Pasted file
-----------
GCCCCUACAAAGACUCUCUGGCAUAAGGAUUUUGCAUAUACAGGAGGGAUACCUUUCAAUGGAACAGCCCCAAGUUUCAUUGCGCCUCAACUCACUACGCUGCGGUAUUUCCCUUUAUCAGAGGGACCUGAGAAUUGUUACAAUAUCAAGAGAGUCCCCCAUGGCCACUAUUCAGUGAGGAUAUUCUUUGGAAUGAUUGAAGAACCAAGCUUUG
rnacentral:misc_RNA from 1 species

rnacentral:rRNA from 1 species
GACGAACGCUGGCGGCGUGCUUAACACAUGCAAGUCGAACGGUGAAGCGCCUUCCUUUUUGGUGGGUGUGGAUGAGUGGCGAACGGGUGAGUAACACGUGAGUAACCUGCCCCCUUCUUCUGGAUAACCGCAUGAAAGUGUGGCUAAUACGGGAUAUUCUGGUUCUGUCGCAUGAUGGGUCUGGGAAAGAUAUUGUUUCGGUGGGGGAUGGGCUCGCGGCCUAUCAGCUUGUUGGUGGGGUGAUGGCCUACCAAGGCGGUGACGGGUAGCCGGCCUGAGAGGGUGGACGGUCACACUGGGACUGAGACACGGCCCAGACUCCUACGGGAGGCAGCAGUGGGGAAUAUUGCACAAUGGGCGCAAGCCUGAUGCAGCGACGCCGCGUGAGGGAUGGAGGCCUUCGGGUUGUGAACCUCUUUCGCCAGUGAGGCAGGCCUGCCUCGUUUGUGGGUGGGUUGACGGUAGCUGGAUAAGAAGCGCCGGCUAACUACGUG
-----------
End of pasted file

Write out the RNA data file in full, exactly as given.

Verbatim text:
GCCCCUACAAAGACUCUCUGGCAUAAGGAUUUUGCAUAUACAGGAGGGAUACCUUUCAAUGGAACAGCCCCAAGUUUCAUUGCGCCUCAACUCACUACGCUGCGGUAUUUCCCUUUAUCAGAGGGACCUGAGAAUUGUUACAAUAUCAAGAGAGUCCCCCAUGGCCACUAUUCAGUGAGGAUAUUCUUUGGAAUGAUUGAAGAACCAAGCUUUG
rnacentral:misc_RNA from 1 species

rnacentral:rRNA from 1 species
GACGAACGCUGGCGGCGUGCUUAACACAUGCAAGUCGAACGGUGAAGCGCCUUCCUUUUUGGUGGGUGUGGAUGAGUGGCGAACGGGUGAGUAACACGUGAGUAACCUGCCCCCUUCUUCUGGAUAACCGCAUGAAAGUGUGGCUAAUACGGGAUAUUCUGGUUCUGUCGCAUGAUGGGUCUGGGAAAGAUAUUGUUUCGGUGGGGGAUGGGCUCGCGGCCUAUCAGCUUGUUGGUGGGGUGAUGGCCUACCAAGGCGGUGACGGGUAGCCGGCCUGAGAGGGUGGACGGUCACACUGGGACUGAGACACGGCCCAGACUCCUACGGGAGGCAGCAGUGGGGAAUAUUGCACAAUGGGCGCAAGCCUGAUGCAGCGACGCCGCGUGAGGGAUGGAGGCCUUCGGGUUGUGAACCUCUUUCGCCAGUGAGGCAGGCCUGCCUCGUUUGUGGGUGGGUUGACGGUAGCUGGAUAAGAAGCGCCGGCUAACUACGUG